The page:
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Method for the unique identification of hyperelastic material properties using full-field measures. Application to the passive myocardium material response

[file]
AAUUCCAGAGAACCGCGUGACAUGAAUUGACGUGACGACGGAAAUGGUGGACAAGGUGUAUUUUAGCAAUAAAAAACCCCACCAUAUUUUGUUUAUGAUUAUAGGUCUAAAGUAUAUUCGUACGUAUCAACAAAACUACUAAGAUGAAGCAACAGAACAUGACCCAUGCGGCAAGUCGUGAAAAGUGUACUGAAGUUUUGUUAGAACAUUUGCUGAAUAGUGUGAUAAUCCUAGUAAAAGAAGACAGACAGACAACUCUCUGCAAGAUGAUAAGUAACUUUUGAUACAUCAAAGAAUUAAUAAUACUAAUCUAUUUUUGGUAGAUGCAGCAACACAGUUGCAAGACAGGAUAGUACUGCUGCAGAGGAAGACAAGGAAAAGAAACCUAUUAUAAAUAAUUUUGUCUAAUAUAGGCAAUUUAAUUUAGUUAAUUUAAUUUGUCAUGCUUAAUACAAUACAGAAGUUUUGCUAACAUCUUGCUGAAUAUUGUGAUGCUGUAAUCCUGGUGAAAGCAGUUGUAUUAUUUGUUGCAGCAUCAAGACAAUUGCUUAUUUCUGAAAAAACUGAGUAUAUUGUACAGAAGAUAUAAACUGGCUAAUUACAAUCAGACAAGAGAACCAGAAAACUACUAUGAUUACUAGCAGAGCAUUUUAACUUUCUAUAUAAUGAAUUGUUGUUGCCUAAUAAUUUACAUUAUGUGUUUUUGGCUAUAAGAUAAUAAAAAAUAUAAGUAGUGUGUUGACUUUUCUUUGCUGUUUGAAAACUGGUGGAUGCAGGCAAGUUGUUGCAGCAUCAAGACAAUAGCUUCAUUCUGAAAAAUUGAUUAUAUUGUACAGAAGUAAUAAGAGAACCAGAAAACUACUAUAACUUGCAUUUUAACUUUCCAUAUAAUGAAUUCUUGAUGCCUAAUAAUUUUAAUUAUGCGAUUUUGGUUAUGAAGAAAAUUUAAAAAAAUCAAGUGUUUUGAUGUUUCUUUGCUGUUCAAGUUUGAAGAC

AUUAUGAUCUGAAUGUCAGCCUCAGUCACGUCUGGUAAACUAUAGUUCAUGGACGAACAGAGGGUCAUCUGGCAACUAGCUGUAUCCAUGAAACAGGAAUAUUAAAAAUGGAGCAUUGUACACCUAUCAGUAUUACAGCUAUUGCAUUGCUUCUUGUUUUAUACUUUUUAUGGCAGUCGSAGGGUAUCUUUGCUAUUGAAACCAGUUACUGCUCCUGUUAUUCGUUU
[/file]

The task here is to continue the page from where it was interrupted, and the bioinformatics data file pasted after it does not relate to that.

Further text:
Quantitative measurement of the material properties (eg, stiffness) of biological tissues is poised to become a powerful diagnostic tool. There are currently several methods in the literature to estimating material stiffness, and we extend this work by formulating a framework that leads to uniquely identified material properties. We design an approach to work with full-field displacement data—ie, we assume the displacement field due to the applied forces is known both on the boundaries and also within the interior of the body of interest—and seek stiffness parameters that lead to balanced internal and external forces in a model. For in vivo applications, the displacement data can be acquired clinically using magnetic resonance imaging while the forces may be computed from pressure measurements, eg, through catheterization. We outline a set of conditions under which the least-square force error objective function is convex, yielding uniquely identified material properties. An important component of our framework is a new numerical strategy to formulate polyconvex material energy laws that are linear in the material properties and provide one optimal description of the available experimental data. An outcome of our approach is the analysis of the reliability of the identified material properties, even for material laws that do not admit unique property identification. Lastly, we evaluate our approach using passive myocardium experimental data at the material point and show its application to identifying myocardial stiffness with an in silico experiment modeling the passive filling of the left ventricle. Copyright © 2017 John Wiley & Sons, Ltd.